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Article Reference Dental and tarsal morphology of the European Paleocene/Eocene "condylarth" mammal Microhyus
Located in Library / RBINS Staff Publications
Article Reference A new scincomorph lizard from the Paleocene of Belgium and the origin of the Scincoidea in Europe
Located in Library / RBINS Staff Publications
Article Reference Anatomy and phylogeny of the gavialoid crocodylian Eosuchus lerichei from the Paleocene of Europe
Located in Library / RBINS Staff Publications
Article Reference Paleocene-Eocene carbon isoltope excursion in organic carbon and pedogenic carbonate: direct comparision in a continental stratigraphic section
Located in Library / RBINS Staff Publications
Article Reference The in situ Glyptostroboxylon forest of Hoegaarden (Belgium) at the Initial Eocene Thermal Maximum (55 Ma)
Located in Library / RBINS Staff Publications
Article Reference Where do adaptive shifts occur during invasion? A multidisciplinary approach to unravelling cold adaptation in a tropical ant species invading the Mediterranean area
Evolution may improve the invasiveness of populations, but it often remains unclear whether key adaptation events occur after introduction into the recipient habitat (i.e. post-introduction adaptation scenario), or before introduction within the native range (i.e. prior-adaptation scenario) or at a primary site of invasion (i.e. bridgehead scenario). We used a multidisciplinary approach to determine which of these three scenarios underlies the invasion of the tropical ant Wasmannia auropunctata in a Mediterranean region (i.e. Israel). Species distribution models (SDM), phylogeographical analyses at a broad geographical scale and laboratory experiments on appropriate native and invasive populations indicated that Israeli populations followed an invasion scenario in which adaptation to cold occurred at the southern limit of the native range before dispersal to Israel. We discuss the usefulness of combining SDM, genetic and experimental approaches for unambiguous determination of eco-evolutionary invasion scenarios.
Located in Library / RBINS Staff Publications
Article Reference The Ecology and Feeding Habits of the Arboreal Trap-Jawed Ant Daceton armigerum
Located in Library / RBINS Staff Publications
Article Reference Soil properties only weakly affect subterranean ant distribution at small spatial scales
Located in Library / RBINS Staff Publications
Article Reference Arthropod diversity in a tropical forest
Most eukaryotic organisms are arthropods. Yet, their diversity in rich terrestrial ecosystems is still unknown. Here we produce tangible estimates of the total species richness of arthropods in a tropical rainforest. Using a comprehensive range of structured protocols, we sampled the phylogenetic breadth of arthropod taxa from the soil to the forest canopy in the San Lorenzo forest, Panama. We collected 6144 arthropod species from 0.48 hectare and extrapolated total species richness to larger areas on the basis of competing models. The whole 6000-hectare forest reserve most likely sustains 25,000 arthropod species. Notably, just 1 hectare of rainforest yields 60\% of the arthropod biodiversity held in the wider landscape. Models based on plant diversity fitted the accumulated species richness of both herbivore and nonherbivore taxa exceptionally well. This lends credence to global estimates of arthropod biodiversity developed from plant models.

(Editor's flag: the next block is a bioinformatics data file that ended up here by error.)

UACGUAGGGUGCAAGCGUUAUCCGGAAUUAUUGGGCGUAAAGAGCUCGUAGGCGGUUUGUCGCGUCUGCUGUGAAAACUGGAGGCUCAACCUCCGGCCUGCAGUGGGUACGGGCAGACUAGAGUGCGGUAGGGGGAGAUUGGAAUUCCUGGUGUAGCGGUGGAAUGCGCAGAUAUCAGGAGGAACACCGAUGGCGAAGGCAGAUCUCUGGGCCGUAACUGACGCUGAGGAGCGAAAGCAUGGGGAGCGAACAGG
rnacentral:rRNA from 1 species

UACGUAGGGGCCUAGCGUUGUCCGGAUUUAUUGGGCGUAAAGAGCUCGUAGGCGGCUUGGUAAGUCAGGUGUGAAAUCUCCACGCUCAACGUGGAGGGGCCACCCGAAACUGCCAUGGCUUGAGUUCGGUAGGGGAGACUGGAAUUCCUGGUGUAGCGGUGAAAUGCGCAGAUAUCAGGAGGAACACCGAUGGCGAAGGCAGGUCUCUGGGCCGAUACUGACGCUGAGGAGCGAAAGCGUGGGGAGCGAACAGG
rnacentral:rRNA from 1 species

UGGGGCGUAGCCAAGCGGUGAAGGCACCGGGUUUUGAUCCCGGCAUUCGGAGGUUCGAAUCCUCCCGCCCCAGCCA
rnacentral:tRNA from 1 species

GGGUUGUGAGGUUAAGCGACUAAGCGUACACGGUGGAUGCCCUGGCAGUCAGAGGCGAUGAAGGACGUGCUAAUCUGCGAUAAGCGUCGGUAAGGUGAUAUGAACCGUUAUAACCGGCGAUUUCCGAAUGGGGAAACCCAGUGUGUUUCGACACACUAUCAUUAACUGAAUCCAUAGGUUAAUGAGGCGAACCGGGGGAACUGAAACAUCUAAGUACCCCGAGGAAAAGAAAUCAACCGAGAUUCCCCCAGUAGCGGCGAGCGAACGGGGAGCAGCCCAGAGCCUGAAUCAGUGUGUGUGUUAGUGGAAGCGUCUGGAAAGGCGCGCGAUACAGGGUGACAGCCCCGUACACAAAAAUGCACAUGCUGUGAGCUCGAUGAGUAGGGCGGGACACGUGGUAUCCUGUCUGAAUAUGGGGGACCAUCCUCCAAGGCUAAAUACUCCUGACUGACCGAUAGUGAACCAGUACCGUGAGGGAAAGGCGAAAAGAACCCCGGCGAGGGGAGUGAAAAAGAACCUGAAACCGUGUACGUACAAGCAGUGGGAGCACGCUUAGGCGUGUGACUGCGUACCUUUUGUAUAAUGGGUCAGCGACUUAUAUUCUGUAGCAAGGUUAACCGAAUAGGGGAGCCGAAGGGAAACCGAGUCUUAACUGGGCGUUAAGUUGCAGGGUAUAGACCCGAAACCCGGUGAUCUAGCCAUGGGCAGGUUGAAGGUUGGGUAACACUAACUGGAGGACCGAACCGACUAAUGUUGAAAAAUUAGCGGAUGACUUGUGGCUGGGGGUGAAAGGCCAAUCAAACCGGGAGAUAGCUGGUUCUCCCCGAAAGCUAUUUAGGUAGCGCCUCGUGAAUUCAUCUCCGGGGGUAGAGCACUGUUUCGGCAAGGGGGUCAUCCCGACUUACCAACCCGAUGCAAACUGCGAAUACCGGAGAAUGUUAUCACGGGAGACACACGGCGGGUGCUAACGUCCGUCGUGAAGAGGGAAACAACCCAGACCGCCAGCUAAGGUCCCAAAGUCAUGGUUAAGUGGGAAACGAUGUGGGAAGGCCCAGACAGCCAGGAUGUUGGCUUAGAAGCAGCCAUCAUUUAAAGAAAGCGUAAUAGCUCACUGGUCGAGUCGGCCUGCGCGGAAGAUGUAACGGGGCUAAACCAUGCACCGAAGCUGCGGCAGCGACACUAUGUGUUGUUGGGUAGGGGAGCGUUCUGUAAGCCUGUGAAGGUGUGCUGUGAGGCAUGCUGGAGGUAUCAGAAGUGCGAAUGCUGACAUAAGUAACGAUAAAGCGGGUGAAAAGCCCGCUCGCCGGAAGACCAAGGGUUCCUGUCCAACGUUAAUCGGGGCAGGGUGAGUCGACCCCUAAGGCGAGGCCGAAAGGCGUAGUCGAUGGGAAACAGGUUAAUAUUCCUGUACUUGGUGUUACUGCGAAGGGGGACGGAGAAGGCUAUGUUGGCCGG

Located in Library / RBINS Staff Publications
Article Reference Parallel phenotypic evolution in a wolf spider radiation on Galápagos.
Within island archipelagos, repeated ecological settings may lead to radiations wherein similar niches are recurrently occupied. Although it has been shown that species with common habitat requirements share particular traits, it remains relatively unexplored to what extent this may lead to the repeated evolution of almost identical phenotypes (phenocopies) and how this correlates with traits subjected to sexual selection. Exploring divergence patterns of ecological and sexual relevant traits within spiders seem promising to enhance our understanding of the relative role of natural and sexual selection. Here, we conduct a detailed morphological analysis on a large set of genital and non-genital traits (morphometrics, colour pattern) within a radiation of the wolf spider genus Hogna Simon, 1885 on Galápagos and interpret these data, taking into account their known phylogenetic relationship. Our results show that recurrent environmental gradients have led to the parallel evolution of almost identical phenotypes, which not only proves that natural selection has driven morphological divergence, but also suggests that a similar genetic or developmental basis most likely underlies this divergence. Among-species variation in genital traits in contrast rather reflects the phylogenetic relationships on Santa Cruz and San Cristóbal. The combination of these data indicate that speciation in this system is driven by the combined effect of ecological mechanisms and allopatric divergence in sexual traits.
Located in Library / RBINS Staff Publications